For info regarding the function and benefits of a CSV, see the interactive animation at the link below.

CSV Interactive Animation
 
Last edited:

Smb2415

New Member
Messages
3
Reaction score
0
Points
1
Location
Ct
Agree'd, with 10 GPM directly from the well, a cistern should not be required.



Water is supplied by the pump directly from the well, not from the pressure tank (PT).

Pump's are designed to run constantly. It is repeated cycling ON>OFF that causes the pump, check valve, pressure tank & pressure switch to fail prematurely.

The pressure tank's main purpose is to act as a timer, to ensure the pump will operate for a minimum amount of time once activated, thereby reducing cycling. The minimum run time is usually 60 seconds after water flow has stopped, but 120-seconds is preferable. Your 120 gallon tank will store approx 30-gallons water, so your pump will become activated when ~30-gallons has exited the tank, and will be shut off whenever ~30 gallons has re-entered the tank.

The pressure tank also causes the plumbing system to remain pressurized while the pump is shut off so water will continue to flow to faucets/appliances without waiting for the pump to be activated.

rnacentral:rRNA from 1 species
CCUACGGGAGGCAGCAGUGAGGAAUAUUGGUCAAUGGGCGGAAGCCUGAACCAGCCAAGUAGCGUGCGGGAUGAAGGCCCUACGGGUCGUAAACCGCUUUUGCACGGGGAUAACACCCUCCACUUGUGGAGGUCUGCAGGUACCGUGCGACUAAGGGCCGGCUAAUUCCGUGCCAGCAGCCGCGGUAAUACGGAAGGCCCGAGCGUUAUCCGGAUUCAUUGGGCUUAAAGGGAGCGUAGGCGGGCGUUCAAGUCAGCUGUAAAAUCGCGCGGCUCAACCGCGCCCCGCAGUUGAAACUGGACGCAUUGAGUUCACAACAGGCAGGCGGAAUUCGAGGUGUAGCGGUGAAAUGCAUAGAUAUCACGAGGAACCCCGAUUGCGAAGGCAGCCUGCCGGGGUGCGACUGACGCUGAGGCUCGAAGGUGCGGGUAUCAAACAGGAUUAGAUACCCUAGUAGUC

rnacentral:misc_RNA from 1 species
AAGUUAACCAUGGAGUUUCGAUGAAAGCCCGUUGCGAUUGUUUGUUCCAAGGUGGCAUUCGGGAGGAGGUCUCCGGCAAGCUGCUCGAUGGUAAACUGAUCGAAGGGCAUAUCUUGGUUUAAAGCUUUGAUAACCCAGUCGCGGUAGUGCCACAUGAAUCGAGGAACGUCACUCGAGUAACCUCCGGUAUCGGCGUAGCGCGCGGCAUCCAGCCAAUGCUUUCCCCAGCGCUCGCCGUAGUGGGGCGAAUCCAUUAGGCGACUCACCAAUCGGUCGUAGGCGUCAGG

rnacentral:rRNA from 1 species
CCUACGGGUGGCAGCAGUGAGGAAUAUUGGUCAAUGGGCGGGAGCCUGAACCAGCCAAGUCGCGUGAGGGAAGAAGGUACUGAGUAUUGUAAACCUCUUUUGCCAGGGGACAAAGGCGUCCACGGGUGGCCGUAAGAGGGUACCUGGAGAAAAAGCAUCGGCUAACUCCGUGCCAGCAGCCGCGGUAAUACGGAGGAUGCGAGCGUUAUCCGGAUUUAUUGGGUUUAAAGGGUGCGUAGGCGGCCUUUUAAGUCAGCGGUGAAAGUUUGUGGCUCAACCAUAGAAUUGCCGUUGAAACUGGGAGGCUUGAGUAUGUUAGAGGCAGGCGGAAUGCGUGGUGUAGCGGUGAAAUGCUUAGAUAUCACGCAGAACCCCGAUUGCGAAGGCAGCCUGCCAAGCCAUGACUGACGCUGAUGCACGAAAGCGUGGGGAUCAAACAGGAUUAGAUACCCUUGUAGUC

What was the previous system pressure range setting? I anticipate it was much lower, so increasing the pressure switch's pressure range setting will be the cause for increased flow and pressure to the home's fixtures, not the larger PT.

As an upgrade to your current well system, consider adding a Cycle Stop Valve. A CSV will not only prevent the current pump from cycling anytime more than 1 GPM is flowing to fixtures or an appliance, but a CSV will also result in constant pressure to fixtures whenever the pump is operating.

Although a CSV eliminates the need for a large pressure tank, since you have already equipped your system with a new 120-gallon tank and likely a new pressure switch, only an actual CSV would be needed. With the current 50/70 psi pressure switch setting, the system could then deliver ~65 psi constant once the pump is running. If your pump will support 60/80 psi, then the CSV could be calibrated to provide ~70 psi constant.

For info regarding the function and benefits of a CSV, see the interactive animation at the link below.

CSV Interactive Animation
previous pressure tank was setup and verified as 40/60psi.